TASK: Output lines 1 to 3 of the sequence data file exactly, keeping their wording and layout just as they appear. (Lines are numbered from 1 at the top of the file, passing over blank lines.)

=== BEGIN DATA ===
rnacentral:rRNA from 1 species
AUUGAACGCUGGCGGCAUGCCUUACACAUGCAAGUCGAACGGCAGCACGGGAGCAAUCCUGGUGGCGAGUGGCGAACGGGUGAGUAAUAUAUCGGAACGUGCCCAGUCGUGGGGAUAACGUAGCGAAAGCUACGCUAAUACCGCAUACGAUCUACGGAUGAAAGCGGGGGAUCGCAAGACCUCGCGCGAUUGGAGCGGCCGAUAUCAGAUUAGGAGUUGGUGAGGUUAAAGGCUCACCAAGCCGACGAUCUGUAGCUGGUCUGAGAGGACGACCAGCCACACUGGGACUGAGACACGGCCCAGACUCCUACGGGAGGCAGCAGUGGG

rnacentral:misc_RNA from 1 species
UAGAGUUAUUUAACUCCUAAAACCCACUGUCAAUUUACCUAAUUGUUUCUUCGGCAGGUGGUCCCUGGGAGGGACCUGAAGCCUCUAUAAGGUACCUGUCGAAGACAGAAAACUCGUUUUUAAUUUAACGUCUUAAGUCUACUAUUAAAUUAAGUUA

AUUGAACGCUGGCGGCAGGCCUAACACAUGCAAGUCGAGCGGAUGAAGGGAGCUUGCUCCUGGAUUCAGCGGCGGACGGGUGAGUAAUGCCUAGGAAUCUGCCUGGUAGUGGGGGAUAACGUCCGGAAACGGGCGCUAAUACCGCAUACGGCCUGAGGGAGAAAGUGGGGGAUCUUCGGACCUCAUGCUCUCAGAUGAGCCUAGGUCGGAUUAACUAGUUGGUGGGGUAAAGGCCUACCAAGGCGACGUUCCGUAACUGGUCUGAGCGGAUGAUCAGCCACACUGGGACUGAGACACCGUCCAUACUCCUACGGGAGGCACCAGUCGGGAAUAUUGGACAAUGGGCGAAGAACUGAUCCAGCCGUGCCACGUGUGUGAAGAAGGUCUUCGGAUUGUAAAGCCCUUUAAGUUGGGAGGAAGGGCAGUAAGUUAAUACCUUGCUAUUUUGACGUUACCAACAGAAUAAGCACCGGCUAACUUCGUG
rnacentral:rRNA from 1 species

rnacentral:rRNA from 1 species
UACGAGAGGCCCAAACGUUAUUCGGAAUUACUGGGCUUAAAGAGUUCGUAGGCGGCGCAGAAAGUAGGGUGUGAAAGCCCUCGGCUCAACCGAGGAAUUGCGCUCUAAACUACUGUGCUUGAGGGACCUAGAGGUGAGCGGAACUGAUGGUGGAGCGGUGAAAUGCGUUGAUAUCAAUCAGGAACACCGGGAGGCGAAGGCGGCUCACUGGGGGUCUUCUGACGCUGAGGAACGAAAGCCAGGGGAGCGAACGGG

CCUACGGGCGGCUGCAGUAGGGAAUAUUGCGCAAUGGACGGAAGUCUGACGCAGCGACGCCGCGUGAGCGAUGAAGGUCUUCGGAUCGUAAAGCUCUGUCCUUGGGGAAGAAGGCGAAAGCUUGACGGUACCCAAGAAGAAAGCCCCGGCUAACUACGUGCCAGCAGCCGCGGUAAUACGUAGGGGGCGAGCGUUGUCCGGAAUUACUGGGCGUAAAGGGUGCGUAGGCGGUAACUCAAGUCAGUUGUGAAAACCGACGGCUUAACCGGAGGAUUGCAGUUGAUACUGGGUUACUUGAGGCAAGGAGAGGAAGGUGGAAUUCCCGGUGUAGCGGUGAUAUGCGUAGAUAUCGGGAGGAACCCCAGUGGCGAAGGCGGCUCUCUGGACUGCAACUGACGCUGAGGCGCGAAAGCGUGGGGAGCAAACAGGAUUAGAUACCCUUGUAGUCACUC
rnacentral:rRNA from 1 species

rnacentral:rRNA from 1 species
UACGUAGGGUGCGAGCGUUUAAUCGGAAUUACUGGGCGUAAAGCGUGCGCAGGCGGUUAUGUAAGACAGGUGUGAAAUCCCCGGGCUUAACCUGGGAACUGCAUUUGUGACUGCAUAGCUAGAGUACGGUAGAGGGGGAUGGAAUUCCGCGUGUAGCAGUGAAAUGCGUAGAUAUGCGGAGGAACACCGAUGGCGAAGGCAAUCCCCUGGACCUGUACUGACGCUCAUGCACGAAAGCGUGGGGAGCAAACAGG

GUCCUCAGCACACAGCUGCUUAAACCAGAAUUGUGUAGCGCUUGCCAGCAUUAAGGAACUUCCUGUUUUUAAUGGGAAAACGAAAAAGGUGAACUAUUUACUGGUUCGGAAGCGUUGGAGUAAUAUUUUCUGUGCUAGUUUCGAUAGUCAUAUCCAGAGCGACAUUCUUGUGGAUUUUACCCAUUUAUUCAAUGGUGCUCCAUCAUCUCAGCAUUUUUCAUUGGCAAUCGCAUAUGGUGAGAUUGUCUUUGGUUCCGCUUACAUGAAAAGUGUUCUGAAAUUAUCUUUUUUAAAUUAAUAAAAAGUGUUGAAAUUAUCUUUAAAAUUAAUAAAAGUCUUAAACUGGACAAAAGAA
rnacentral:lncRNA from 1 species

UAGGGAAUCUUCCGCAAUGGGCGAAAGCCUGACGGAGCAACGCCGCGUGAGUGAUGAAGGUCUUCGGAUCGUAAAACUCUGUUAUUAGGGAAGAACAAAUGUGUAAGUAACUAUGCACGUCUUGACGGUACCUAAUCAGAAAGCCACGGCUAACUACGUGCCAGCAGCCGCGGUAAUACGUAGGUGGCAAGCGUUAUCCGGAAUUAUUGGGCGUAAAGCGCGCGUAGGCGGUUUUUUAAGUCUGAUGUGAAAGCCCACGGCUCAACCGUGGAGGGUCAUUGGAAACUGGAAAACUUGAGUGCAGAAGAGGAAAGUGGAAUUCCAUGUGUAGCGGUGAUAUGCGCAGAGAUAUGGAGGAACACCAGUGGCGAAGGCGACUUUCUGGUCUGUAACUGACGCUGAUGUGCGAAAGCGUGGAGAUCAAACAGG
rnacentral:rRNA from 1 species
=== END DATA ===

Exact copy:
rnacentral:rRNA from 1 species
AUUGAACGCUGGCGGCAUGCCUUACACAUGCAAGUCGAACGGCAGCACGGGAGCAAUCCUGGUGGCGAGUGGCGAACGGGUGAGUAAUAUAUCGGAACGUGCCCAGUCGUGGGGAUAACGUAGCGAAAGCUACGCUAAUACCGCAUACGAUCUACGGAUGAAAGCGGGGGAUCGCAAGACCUCGCGCGAUUGGAGCGGCCGAUAUCAGAUUAGGAGUUGGUGAGGUUAAAGGCUCACCAAGCCGACGAUCUGUAGCUGGUCUGAGAGGACGACCAGCCACACUGGGACUGAGACACGGCCCAGACUCCUACGGGAGGCAGCAGUGGG

rnacentral:misc_RNA from 1 species